“Misinformation has negatively affected Kenya’s governance and security sectors as it has impeded electoral participation and also led to violence” — The Sentinel Project
people killed in violence over contested results in the 2007-2008 general elections in Kenya
US dollars or three years in prison are the penalties for sending hate messages in Kenya
August 2016 End date
Misinformation (e.g. rumours and propaganda) is a widespread and multi-sectoral challenge which is especially powerful as information and communications technologies (ICTs) become increasingly accessible and facilitate its rapid transmission. Election periods tend to bring great tensions and a high risk of violence due to polarizing propaganda, hate speech, and misinformation which limit the ability of citizens to make informed decisions.
Since the violent results from the 2007-2008 elections, Kenya has done some extensive institutional reforms, and other proactive measures that helped to ensure that the 2013 election was significantly less violent. However, little was done to directly counter misinformation, which is now increasingly recognized for its violent consequences and various actors must be prepared to proactively manage misinformation using the best tools available in order to ensure effective peacebuilding and participatory governance.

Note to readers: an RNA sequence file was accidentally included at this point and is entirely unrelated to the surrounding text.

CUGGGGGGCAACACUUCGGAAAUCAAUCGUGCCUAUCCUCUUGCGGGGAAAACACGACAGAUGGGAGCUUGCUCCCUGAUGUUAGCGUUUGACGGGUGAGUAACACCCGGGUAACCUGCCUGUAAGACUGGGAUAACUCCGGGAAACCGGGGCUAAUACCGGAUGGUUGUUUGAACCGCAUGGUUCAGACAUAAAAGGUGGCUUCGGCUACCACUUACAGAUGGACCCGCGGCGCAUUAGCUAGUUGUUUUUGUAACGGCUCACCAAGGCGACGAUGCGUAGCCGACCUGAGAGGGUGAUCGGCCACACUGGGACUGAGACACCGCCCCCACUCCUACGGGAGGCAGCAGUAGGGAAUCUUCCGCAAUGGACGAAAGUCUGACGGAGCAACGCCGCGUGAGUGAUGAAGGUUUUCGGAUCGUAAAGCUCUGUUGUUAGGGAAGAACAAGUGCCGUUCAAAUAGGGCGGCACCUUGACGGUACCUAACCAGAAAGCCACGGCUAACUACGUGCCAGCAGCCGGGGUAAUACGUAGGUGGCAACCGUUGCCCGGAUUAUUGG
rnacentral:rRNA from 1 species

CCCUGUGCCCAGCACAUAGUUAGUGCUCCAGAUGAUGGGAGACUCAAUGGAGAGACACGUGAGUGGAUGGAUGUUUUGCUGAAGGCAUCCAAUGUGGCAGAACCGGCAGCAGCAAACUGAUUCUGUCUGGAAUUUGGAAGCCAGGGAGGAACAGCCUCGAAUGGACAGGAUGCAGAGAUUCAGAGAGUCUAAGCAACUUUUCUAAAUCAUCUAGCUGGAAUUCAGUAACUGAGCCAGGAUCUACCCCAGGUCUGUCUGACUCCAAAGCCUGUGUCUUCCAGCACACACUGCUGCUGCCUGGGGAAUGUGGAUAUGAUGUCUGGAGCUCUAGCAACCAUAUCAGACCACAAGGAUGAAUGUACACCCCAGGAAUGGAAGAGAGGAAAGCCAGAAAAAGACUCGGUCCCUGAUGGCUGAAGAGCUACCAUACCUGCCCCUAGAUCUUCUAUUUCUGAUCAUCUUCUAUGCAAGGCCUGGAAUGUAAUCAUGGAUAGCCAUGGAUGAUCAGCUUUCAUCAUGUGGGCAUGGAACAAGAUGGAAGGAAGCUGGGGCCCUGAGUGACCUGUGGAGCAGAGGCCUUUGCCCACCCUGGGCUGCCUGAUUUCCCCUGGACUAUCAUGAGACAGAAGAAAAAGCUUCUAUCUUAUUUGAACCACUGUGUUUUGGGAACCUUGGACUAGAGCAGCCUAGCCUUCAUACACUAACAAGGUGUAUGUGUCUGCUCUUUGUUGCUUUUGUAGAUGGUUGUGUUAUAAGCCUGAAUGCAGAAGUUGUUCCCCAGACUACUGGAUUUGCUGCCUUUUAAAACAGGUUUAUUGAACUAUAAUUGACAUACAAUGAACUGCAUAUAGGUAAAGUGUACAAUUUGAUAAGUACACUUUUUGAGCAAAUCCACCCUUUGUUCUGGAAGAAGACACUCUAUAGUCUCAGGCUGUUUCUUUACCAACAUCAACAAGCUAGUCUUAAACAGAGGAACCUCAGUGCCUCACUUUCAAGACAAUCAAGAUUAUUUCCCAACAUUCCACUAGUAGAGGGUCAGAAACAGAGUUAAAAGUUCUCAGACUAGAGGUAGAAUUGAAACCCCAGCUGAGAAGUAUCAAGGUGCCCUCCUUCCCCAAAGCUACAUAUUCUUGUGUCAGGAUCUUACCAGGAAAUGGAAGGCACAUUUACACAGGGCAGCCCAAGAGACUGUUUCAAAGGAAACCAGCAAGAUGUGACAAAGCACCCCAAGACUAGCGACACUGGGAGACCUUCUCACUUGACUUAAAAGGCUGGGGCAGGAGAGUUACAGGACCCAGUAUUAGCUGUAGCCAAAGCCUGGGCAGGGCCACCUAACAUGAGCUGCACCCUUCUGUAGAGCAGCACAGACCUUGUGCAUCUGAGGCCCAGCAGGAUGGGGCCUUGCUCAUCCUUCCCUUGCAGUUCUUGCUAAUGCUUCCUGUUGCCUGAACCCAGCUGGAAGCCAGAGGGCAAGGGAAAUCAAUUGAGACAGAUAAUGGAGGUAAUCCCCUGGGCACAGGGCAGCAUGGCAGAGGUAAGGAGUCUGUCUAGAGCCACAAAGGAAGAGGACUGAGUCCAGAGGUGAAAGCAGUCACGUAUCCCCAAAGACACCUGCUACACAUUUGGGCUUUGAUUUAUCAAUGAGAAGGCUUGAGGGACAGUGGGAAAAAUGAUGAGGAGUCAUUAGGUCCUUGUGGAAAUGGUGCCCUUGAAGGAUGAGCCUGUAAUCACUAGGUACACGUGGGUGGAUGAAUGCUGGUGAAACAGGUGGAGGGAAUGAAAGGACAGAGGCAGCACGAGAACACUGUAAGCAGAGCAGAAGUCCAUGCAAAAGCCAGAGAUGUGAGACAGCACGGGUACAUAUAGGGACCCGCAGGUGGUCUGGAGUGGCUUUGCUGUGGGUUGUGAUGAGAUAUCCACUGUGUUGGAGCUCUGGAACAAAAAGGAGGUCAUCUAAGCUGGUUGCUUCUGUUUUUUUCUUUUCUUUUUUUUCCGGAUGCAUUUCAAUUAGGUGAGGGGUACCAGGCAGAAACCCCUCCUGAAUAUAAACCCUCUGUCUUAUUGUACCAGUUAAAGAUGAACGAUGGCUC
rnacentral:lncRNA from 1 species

The Una Hakika project wants to increase open governance and reduce the risk of violence in Nairobi during the 2017 election by using technology to enable citizen participation in countering incendiary misinformation.
Una Hakika is a responsive mobile phone-based information service which gathers crowdsourced rumour reports from its subscribers. Citizens can submit these reports via voice calls, SMS (text messages), social media, email, and web-based interaction. Rumours are then logged into the purpose-built WikiRumours software in order to track their spread both geographically and chronologically while the Una Hakika team verifies whether a given report is true via trained volunteer community ambassadors, local government partners, community leaders, and other NGOs.
The Una Hakika team then collaboratively implements measures to contain and counter the spread of these rumours with appropriate messaging delivered through channels similar to the citizen reporting mechanism.
The sentinel Project, a Canadian NGO formed in 2008 which is developing a unique capability to manage misinformation and reduce its negative effects in a variety of contexts including conflict, disasters, development, public health, and governance.